Part of my lack of cycling has to do with it being so damn complicated. I’m used to putting on some shoes and heading out the door on a run. Cycling involves having equipment and trying to operate a machine which I am pretty much completely unfamiliar.  I went ahead and took the plunge a couple of months ago and bought Anton’s bike, and quickly realized there were a whole lot of things I was hopelessly clueless about. In other words, I am a Fred. Fred is apparently a term for newbie cyclists, which Diesel is particularly fond of.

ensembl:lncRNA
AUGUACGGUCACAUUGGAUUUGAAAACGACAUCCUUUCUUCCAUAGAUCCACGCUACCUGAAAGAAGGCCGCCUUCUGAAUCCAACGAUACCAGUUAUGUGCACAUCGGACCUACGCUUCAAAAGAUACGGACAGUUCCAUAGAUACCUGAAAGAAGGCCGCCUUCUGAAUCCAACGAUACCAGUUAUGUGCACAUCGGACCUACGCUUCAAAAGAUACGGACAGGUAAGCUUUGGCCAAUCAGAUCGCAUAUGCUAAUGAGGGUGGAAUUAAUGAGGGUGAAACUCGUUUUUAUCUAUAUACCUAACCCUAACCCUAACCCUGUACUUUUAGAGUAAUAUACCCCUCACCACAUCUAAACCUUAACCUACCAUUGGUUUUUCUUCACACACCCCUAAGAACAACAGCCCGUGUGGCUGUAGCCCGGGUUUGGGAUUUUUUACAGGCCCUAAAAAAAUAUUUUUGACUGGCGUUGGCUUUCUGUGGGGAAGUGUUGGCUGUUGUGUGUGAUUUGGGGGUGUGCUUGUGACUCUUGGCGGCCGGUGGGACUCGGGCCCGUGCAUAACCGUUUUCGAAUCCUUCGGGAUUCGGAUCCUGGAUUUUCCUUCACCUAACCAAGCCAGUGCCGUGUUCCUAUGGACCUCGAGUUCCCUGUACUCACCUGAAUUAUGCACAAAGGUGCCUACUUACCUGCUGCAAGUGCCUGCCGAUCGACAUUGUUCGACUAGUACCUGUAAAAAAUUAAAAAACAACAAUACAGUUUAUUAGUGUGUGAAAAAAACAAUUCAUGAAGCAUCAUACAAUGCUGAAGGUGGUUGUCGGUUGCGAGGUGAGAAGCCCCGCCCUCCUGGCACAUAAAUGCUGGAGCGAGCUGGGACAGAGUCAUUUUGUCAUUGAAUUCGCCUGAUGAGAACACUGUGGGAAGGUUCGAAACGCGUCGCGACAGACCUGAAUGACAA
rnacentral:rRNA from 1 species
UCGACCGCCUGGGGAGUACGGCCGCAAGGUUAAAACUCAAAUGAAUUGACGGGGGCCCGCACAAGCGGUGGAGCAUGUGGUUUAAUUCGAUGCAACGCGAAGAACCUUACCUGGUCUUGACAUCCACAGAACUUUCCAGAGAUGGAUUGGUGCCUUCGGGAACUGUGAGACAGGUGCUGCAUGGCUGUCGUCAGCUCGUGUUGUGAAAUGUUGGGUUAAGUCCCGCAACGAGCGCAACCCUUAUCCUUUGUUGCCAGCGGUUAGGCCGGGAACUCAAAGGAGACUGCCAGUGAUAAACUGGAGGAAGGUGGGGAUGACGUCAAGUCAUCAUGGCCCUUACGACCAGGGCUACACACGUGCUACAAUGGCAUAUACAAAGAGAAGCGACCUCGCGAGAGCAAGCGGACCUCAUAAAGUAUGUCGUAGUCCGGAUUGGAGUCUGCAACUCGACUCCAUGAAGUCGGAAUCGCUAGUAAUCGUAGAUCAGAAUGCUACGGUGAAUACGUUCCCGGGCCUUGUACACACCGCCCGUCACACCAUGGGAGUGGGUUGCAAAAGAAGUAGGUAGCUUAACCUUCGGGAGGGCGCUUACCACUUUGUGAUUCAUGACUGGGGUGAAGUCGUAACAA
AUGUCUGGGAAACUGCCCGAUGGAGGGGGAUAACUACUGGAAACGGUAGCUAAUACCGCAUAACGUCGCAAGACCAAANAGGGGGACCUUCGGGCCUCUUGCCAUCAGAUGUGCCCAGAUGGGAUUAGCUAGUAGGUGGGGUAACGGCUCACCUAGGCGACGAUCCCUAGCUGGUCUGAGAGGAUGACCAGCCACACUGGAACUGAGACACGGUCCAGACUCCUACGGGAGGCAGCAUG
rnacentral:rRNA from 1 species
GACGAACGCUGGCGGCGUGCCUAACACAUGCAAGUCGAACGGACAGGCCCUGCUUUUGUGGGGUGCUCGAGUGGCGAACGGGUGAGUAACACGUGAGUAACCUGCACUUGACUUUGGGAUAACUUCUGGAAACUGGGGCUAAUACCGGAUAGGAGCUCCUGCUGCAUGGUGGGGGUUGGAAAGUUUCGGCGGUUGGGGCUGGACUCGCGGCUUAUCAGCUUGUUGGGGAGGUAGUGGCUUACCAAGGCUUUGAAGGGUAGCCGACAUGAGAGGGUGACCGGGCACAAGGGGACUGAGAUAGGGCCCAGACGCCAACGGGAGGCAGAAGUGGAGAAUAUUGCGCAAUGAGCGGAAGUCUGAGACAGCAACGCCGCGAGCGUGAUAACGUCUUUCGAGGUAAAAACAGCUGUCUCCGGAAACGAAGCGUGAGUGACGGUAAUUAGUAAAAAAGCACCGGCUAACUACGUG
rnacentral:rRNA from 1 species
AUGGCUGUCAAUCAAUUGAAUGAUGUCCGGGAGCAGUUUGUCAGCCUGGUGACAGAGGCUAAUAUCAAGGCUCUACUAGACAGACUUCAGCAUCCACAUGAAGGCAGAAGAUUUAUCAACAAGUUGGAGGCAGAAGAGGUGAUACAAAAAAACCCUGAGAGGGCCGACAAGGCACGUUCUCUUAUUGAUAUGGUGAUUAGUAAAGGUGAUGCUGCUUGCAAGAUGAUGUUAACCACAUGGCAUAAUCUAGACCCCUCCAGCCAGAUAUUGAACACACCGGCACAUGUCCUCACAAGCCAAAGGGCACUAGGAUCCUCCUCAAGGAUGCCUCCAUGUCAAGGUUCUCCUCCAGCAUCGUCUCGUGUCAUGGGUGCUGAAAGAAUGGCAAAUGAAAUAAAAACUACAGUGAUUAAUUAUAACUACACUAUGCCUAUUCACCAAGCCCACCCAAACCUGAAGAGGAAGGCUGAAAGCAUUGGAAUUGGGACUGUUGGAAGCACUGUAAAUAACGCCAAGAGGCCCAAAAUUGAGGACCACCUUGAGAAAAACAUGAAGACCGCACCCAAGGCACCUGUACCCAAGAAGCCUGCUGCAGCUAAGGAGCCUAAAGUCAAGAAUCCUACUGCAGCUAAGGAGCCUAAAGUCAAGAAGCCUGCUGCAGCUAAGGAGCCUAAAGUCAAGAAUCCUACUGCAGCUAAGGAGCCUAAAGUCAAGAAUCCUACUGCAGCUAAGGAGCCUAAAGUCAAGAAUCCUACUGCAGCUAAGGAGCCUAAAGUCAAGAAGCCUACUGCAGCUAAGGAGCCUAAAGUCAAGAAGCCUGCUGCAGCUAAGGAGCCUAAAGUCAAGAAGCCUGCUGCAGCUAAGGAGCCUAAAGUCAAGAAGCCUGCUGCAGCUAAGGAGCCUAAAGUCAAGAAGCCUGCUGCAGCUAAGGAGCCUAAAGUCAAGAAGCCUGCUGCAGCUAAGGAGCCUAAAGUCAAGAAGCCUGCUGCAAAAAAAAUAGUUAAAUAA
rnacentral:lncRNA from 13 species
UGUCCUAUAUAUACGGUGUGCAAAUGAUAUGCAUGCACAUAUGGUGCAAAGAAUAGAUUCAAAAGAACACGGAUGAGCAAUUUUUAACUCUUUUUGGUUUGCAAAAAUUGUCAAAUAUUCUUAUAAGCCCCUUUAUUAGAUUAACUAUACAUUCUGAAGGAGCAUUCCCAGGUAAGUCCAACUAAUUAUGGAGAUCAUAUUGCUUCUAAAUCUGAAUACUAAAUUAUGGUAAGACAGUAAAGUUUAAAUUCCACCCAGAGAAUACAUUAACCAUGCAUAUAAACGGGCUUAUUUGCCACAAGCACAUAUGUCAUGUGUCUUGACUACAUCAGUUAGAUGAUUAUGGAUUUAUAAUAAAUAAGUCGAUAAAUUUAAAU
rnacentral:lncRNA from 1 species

The first thing I realized I needed was a helmet. This is unfortunate, because I have been blessed (cursed?) with one of the largest melons on the planet. Seriously, I have to special order hats. One-size-fits-all hats dont.  I have an ancient extra large helmet I bought about 15 years ago, which I used a few times and let it sit in storage. After using this helmet in the tri, I realized that a) It probably wasnt safe and b) I looked like a complete moron.  Looking ridiculous is something I deal with on a daily basis, but I figured the safety thing wasnt good.  Thus, I went online in a desperate search. They actually have sites dedicated to this kind of thing. Finally, I found the Bell XLV. Its product page mentions “some people with various medical conditions may have a need for an extra large helmet”. It previously was called “the Triton” and before that “The Kinghead”. Really, Bell?  I hear the name before that was the UltraMelon 5000.  Either way, that helmet had my name written all over it. Sure enough, it fit like a glove. Awesome.